Our eldest son used to get frustrated with his Duplo set. His Duplo are comprised of many blocks, each of them distinct yet perfectly designed to fit each other. Most of the time he would patiently play, but on occasion he’d lose patience and angrily mash them together. The more he mashed, the less likely they were to click together. I’ll come back to that later.
My wife, Nicole, and I could not be more different people. After ten years, this is abundantly clear. She’s blunt and I’m circuitously wordy. She reads mommy blogs and I read Dietrich Bonhoeffer. She’s OCD and I’m slovenly. I could probably give 10 volumes of additional examples.
When we were first married these differences were exciting. During our first six months of marriage we lived in a 200 square foot room, and I discovered her the way that Louis and Clark explored a path to the West: exhilarating, breathtaking, and frequently dangerous.
At each step on the trail, I explored new territory and we learned more about ourselves along the way. Nicole revealed a different way of thinking, communicating, and looking at personal relationships. She viewed the world entirely different then I did.
For my part, I was thrilled to share my passions and interests with the woman I loved and admired. I was like a 6-year-old hosting his first sleepover. “Come look at all my toys!” It seemed like the perfect synergy: she taught me how to establish healthy boundaries within my relationships and I introduced her to the Die Hard movies. Either we fit each other like two puzzle pieces, or I had an extraordinarily munificent and patient wife.
I was like someone sipping a full cup of coffee while driving on a smooth road: I patted myself on the back for our steady marriage. But life, as we all know tends to throw a few bumps. Bump…recession. Bump…child #1. Bump…child #2. Lose job, downsize, sell car to buy groceries, global pandemic…bump-bump-bump-BUMP!
The circus of young children, careers, and school leaves very little luxury for reflective relationship-building. We all spin off each day and collide back together in sporadic bursts of energy. Nicole and I had less time to be able to have the deep conversations; our interactions became transactional. The cracks began to develop.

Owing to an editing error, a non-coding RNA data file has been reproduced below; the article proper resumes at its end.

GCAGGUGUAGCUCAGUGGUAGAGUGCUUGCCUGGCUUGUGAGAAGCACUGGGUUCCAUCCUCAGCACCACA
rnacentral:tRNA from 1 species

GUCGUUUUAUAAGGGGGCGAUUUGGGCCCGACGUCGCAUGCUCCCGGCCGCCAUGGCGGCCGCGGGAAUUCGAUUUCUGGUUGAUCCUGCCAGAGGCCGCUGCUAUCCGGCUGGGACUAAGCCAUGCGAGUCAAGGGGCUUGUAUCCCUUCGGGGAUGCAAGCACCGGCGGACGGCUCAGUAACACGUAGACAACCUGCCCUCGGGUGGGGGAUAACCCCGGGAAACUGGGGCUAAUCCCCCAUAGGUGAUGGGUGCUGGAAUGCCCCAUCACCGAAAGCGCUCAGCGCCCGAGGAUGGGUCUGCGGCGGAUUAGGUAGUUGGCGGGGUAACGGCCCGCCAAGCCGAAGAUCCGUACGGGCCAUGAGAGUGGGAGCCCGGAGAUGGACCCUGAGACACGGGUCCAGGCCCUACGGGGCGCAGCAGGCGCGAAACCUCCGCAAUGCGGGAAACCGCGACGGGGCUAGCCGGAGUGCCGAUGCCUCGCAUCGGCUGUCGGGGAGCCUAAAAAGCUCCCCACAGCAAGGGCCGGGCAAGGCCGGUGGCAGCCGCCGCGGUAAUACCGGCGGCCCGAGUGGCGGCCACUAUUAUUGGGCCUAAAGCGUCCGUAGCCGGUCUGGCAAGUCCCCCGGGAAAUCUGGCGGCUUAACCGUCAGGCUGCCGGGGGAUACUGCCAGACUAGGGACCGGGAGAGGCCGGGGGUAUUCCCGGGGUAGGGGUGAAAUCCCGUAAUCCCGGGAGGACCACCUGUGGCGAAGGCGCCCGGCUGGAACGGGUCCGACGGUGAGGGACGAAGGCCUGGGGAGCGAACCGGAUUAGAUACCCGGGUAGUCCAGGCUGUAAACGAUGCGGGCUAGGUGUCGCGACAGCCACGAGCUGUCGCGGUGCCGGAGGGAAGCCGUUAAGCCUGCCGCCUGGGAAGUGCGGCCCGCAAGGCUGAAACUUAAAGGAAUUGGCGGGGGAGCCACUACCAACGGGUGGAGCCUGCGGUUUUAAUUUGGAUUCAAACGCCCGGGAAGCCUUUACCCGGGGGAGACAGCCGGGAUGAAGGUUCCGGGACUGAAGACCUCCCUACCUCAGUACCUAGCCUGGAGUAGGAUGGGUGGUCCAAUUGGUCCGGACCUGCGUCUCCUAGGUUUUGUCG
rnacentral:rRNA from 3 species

Over 10 years, our differences seemed less like doing a puzzle together and more like an unbridgeable gulf. The slightest interaction became the seed for bickering, and bickering became our new normal mode of communication. When you’re having five fights a day, saying “I’m sorry” or “I love you” ceases to become the first step in the process of reconciliation.
Through unemployment and pandemic, our lives became condensed into a 1000 square foot apartment. There are very few places to storm off to. We had started this thing living in 200 square feet and 10 years later we’ve gained only a little more space and two adorable, inconsiderate roommates.
When you’re quarantined and have nothing else to distract you, you start noticing more things. For example, you can tell a lot about a person based on how they extract toothpaste. There are numerous methods: flattening, squeezing, rolling, etc. Personally I’m a flattener: I press the tube from the bottom upwards using my palm on the counter. Sometimes, I use the edge of the counter to ensure maximum efficiency; but I sometimes worry about the 0.05 ounces of paste that squirt back to the bottom and go wasted. My wife, on the other hand, throttles the life out of the tube like she had an ex-boyfriend named Colgate.
We’ve always shared toothpaste. For a long time, I felt mildly protective of the poor toothpaste. However, recently I’ve been struck by how incredibly effective our conjoined methods of toothpaste extraction are. Each day, we alternatively choke and press the same tube, which results in the most efficient technique to get the last ounce of product. I was impressed by the fact that our efficiency was the result of not simply complimentary methodology, but a common goal.
I mentioned previously that our son would periodically get frustrated and slam his Duplos together. To date, I’ve never seen him swing two bricks together and have them match up perfectly. And if they had, I believe he would have been too upset to notice they had aligned before ripping them apart. My wife and I have been doing the same thing.
We were designed to fit together, but we collided with such velocity and frequency, how could we possibly come together and how would we know when we had? What would it take to shake us from our bad habits?
Like many, the last month has been extraordinarily challenging. But it has also made life uncharacteristically simple. Nicole and I are still learning to put the pieces together, but the monastic minimalism of our days has forced us to intentionally partner with purpose.
No matter how long it may take for the world to get back to any semblance of normality, our marriage (and many marriages out there I suspect) will never be the same. We’ve always unwittingly squeezed and pressed together, but now we realize that we were designed to meet this challenge.
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Patrick Fletchall is the father of two rambunctious and joyful little boys. He resides in Eugene, Oregon with his wife, Nicole. Together they continue to work toward building a better marriage and family foundation each day. You can read more of Patrick’s articles at https://www.linkedin.com/in/patrick-fletchall-930315116